Getting help to escape domestic violence is now possible with a hand signal during a video call.
Last April, the Canadian Women’s Foundation released its Signal for Help campaign to encourage those experiencing violence as a result of home isolation during the pandemic to reach out for help by using a single-hand gesture during video calls to alert family, friends, or colleagues.
Andrea Gunraj, vice-president of public engagement with the foundation, said a poll has since shown about one in three Canadians know about the Signal for Help.
“We’ve seen it shared on social media. The video that we have online for the Signal for Help almost has a million views and they’re not all from Canada. They’re from all over the place,” Gunraj said.
The simple, two-step gesture involves displaying a palm to the camera with the thumb tucked inside the palm, then the rest of the fingers close around the thumb.
“It’s perhaps a safer way in some contexts to say ‘I need help’ without actually having to say the words or leaving any kind of digital record.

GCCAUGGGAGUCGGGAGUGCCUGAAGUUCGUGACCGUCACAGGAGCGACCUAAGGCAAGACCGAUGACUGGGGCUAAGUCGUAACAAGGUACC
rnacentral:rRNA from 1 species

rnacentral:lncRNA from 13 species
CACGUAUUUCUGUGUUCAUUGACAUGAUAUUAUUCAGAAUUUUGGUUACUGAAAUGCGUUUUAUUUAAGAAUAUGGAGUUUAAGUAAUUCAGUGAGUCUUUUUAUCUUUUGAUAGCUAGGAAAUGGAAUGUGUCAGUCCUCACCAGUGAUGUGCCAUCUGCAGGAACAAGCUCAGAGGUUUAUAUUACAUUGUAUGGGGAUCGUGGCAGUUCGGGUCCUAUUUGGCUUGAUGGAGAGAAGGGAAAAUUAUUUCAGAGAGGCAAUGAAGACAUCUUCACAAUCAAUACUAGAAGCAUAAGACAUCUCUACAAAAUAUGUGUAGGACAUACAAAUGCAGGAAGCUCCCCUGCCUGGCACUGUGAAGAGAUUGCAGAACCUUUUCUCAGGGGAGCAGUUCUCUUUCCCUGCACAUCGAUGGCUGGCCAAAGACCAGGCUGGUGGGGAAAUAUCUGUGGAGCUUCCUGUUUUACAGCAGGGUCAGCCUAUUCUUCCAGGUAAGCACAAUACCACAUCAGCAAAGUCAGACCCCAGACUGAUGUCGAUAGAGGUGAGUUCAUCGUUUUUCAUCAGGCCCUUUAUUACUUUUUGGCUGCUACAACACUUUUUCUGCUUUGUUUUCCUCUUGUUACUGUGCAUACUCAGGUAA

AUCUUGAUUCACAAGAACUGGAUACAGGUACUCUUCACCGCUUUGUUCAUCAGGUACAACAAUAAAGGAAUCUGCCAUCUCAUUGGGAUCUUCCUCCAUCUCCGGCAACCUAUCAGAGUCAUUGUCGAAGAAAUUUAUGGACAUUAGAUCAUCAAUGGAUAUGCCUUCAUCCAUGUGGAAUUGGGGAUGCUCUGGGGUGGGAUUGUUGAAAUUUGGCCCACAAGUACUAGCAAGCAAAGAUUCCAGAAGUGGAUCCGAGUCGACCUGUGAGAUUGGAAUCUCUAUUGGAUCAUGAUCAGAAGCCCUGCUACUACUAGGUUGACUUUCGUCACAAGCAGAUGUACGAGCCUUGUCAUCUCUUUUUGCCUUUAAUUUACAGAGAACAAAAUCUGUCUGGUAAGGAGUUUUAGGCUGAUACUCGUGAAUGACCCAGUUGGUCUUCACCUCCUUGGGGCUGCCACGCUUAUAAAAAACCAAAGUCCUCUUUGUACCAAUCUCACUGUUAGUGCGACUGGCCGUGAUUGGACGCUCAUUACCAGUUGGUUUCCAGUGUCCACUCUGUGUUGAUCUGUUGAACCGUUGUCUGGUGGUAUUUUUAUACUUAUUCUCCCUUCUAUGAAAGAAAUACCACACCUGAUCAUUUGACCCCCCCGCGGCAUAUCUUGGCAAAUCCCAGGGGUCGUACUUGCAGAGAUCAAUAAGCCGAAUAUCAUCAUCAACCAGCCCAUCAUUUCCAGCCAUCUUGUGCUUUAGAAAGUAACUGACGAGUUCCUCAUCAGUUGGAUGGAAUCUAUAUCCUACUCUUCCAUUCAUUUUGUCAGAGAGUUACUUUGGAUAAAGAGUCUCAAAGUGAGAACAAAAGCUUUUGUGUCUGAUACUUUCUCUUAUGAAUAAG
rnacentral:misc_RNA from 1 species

“There’s no perfect tool. Different things work in different situations. But it is something that at the very least allows people to have an indication that they need someone to check in with them about their safety.”
She said gender-based violence was anticipated to increase during the pandemic, and calls to crisis lines and shelters have climbed in many parts of Canada.
Patricia Arango, executive director of Central Alberta Sexual Assault Support Centre, said calls and texts to its Crisis Line increased 238 per cent from 2019 to 2020, and last month was the centre’s busiest ever for new clients.
She said she made sure the Crisis Line was fully operational throughout the pandemic.
“I’m glad I did it because I see how much people need it,” Arango said.
The support centre offers 24-hour call, texting and web chat access — at 1-866-956-1099.
She said the Signal for Help does work, but more awareness is still needed and the support centre plans to share information about the campaign in May during Sexual Violence Awareness Month.
To learn more about what to do when someone uses the Signal for Help, or to download and share the signal, visit: canadianwomen.org/signal-for-help.